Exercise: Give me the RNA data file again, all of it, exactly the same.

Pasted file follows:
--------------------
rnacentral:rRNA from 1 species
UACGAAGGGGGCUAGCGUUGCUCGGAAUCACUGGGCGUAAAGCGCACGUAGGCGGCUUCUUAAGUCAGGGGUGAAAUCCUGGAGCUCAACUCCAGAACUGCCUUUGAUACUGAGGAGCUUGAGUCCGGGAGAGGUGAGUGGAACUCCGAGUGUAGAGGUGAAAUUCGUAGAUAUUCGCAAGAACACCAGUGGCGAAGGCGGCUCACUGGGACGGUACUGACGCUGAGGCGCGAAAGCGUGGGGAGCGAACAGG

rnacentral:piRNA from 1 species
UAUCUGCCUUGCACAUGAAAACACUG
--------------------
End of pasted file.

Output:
rnacentral:rRNA from 1 species
UACGAAGGGGGCUAGCGUUGCUCGGAAUCACUGGGCGUAAAGCGCACGUAGGCGGCUUCUUAAGUCAGGGGUGAAAUCCUGGAGCUCAACUCCAGAACUGCCUUUGAUACUGAGGAGCUUGAGUCCGGGAGAGGUGAGUGGAACUCCGAGUGUAGAGGUGAAAUUCGUAGAUAUUCGCAAGAACACCAGUGGCGAAGGCGGCUCACUGGGACGGUACUGACGCUGAGGCGCGAAAGCGUGGGGAGCGAACAGG

rnacentral:piRNA from 1 species
UAUCUGCCUUGCACAUGAAAACACUG